As goes Missouri, so will go the nation. That is the fervent hope of John Kerry, poised for a sweeping victory today in this Midwestern state's primary that he hopes will put him on a glide path to the Democratic nomination - and, if history is any guide, just possibly to the White House thereafter.
Missouri is not only the most valuable, in terms of convention delegates, of the seven states holding primaries today. When the presidential election comes around in November, it is also a pointer to the ultimate winner. Over the past 100 years, only once - when it plumped for Adlai Stevenson in 1956 over Dwight Eisenhower - has Missouri failed to back the winner, a record unmatched by any other state.
But for the moment the primary is the focus, albeit a rather belated one. Before the Iowa caucuses a fortnight ago, no one had bothered with Missouri, conceded in advance to the home state favourite son, the St Louis congressman Richard Gephardt. But then Mr Gephardt finished a distant fourth in Iowa and abandoned his bid for the White House.
His rivals swooped here like vultures on a carcass. Senator John Edwards of North Carolina and Senator Kerry of Massachusetts enlisted Gephardt campaign aides. Mr Kerry also picked up a host of endorsements, including that of the popular former senator Jean Carnahan - though Mr Gephardt himself has declined to confer his blessing on anyone.
Gephardt supporters have swung behind him en masse, apparently in the belief that he has the best chance of beating George Bush this autumn. Polls show him with between 40 and 50 per cent, followed at a remote distance by Mr Edwards and "don't knows". The first stop for Mr Kerry after his win in New Hampshire was to this old manufacturing city on the banks of the Mississippi, home to perhaps half of likely Democratic voters. At the weekend he was at the other side of Missouri, in Kansas City paying little heed to his Democratic rivals and sharpening his attacks on Mr Bush.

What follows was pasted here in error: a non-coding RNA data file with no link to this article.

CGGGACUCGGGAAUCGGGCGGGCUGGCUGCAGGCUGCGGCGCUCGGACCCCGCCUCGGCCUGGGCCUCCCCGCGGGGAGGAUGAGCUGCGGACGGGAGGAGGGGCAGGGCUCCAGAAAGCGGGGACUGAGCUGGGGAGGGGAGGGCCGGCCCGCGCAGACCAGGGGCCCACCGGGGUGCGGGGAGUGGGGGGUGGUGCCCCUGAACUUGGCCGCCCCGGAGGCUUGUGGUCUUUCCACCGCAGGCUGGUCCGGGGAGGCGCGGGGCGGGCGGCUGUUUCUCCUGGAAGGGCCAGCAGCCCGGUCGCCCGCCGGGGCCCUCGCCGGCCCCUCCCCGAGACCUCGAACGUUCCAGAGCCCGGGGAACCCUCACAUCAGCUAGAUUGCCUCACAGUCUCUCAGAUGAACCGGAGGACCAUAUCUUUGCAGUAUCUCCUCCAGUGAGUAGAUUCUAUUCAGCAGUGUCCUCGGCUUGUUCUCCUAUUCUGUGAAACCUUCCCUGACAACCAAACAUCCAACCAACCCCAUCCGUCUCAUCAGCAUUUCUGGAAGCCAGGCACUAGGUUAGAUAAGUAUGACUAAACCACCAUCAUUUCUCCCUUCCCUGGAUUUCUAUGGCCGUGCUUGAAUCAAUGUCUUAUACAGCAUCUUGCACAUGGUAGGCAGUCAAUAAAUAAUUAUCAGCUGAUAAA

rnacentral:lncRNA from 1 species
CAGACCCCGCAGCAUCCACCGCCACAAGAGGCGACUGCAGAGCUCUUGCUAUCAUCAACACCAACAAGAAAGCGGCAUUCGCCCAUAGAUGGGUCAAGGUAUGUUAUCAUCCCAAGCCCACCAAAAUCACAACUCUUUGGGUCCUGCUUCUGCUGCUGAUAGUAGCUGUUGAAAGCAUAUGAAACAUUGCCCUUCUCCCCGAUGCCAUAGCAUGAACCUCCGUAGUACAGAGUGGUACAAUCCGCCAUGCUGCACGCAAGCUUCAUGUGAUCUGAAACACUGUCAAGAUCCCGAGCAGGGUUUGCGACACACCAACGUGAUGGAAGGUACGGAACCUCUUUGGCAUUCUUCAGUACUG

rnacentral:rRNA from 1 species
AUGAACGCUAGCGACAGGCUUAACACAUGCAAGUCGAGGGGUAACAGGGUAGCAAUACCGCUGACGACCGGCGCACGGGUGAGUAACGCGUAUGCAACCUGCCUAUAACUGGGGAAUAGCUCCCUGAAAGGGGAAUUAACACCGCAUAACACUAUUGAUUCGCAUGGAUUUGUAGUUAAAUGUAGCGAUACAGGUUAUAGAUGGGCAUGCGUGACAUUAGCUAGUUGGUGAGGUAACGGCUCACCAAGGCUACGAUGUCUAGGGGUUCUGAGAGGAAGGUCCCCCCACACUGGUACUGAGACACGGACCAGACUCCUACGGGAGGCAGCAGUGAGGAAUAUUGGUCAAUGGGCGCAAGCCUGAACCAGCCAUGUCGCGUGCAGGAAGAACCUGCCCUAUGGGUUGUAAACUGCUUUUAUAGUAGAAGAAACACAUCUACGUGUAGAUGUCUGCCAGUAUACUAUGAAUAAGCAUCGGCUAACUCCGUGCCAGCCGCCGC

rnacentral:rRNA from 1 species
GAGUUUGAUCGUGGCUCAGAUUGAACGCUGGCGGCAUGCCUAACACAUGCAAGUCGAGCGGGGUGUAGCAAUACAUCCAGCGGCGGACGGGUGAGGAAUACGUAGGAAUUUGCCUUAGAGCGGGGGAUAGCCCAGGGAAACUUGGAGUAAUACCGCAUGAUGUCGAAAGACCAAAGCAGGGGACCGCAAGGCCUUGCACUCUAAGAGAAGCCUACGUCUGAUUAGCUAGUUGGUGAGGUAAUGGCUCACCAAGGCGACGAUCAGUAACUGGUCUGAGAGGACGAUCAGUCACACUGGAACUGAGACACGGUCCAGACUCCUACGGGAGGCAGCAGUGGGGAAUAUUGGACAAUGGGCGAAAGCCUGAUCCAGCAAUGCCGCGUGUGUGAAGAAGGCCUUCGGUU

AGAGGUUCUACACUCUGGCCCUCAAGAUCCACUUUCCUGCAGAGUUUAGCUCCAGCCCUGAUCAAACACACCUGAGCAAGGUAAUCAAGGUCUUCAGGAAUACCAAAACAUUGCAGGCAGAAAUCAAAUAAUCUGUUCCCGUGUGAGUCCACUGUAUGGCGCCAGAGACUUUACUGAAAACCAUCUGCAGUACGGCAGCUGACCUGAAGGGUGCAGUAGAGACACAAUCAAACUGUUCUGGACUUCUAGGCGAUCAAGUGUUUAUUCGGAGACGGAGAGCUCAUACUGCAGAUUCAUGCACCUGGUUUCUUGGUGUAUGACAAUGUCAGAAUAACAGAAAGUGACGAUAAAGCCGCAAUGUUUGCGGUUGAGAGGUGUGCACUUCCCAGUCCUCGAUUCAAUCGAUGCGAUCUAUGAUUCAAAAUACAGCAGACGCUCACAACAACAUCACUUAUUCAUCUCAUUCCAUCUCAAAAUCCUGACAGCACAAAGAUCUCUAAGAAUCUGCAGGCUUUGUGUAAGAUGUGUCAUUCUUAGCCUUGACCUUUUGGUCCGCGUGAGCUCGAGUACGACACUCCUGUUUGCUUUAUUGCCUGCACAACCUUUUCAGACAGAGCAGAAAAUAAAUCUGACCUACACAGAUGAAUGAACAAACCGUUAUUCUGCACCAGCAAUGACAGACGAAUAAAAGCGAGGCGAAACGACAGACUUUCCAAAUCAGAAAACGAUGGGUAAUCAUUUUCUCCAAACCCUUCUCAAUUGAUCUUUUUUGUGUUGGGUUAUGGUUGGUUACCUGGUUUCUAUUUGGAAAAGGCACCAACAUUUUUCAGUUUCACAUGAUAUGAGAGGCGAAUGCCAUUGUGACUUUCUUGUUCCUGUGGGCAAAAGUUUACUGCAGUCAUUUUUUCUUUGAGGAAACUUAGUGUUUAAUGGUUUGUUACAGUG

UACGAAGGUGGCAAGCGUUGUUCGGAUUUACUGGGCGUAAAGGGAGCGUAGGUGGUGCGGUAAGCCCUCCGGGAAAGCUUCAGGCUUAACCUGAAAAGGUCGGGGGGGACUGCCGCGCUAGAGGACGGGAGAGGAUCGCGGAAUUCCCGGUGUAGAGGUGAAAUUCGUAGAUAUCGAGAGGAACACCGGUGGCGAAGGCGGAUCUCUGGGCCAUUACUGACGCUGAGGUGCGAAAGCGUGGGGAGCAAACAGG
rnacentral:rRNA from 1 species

Flanked by fellow Vietnam veterans, he derided the President for "beating his chest" on an aircraft carrier and declaring the Iraq war over. "But when it comes to jobs, when it comes to health care, when it comes to children, prescription drugs and cleaning up the environment, it's not 'mission accomplished'. It's 'mission abandoned'," said the senator.
Almost certainly, the surge in support for the Massachusetts senator is less substantial than it seems. "With the compressed primary timetable, voters - and especially voters in Missouri - suddenly have to decide, but without any time to consider," said John Zogby, the pollster. "A Kerry blow-out is likely, but almost entirely because of his bounce [after Iowa and New Hampshire]."
Momentum alone could be enough to put Mr Kerry in a near-impregnable position when the returns from the seven primary states are in. It is unlikely he will achieve a clean sweep - Mr Edwards was ahead yesterday in South Carolina, a state he admits he must win to keep his candidacy alive, while General Wesley Clark held a tiny lead in Oklahoma. But Mr Kerry is leading in Arizona, New Mexico and North Dakota. Five wins would demonstrate his appeal across the country, and increase pressure on other candidates to withdraw.
Top of the list for elimination is Joe Lieberman, the Connecticut senator who was Al Gore's running mate in 2000, but who finished a bad fifth in New Hampshire. Mr Lieberman is pinning his slender hopes on decent showings in Delaware and Arizona.
Mr Edwards and General Clark are expected to stay in the race. So is the former Vermont governor Howard Dean, who after dominating the race in 2003 has been beaten by Mr Kerry in New Hampshire and Iowa, and can hope for third and fourth places at best today.
Armed with a new campaign high command, Mr Dean is focusing on the caucuses in Michigan as a springboard for a comeback on 2 March when California, New York and other big states are holding primaries, and more than a quarter of convention delegates will be allocated. But in Michigan too, Mr Kerry holds a solid lead. "The momentum he's got will make him very hard to stop," said Bill Richardson, Governor of New Mexico and a possible running mate for Mr Kerry if he wins the nomination.
Picking the winner
Today's seven primaries, the first multi-state day of the election season, allocate 269 delegates to the Democratic convention in Boston in July. Including "super-delegates", 4,317 delegates will attend, with 2,159 needed for a nomination.
The next key dates are 7 February, when Michigan and Washington allocate a combined 204 delegates. On 10 February Virginia and Tennessee select 151. The day likely to settle matters is 2 March, when 10 states, including California, New York and Ohio, choose 1,151 delegates, more than half the number needed for victory. If a winner has not emerged, Florida (177) and Texas (195) on 9 March, Illinois (156) on 16 March, Pennsylvania (151) on 27 April, or North Carolina (90) on 4 May, may be critical.
After Iowa and New Hampshire, John Kerry has 33 pledged delegates, John Edwards 18, and Howard Dean 16.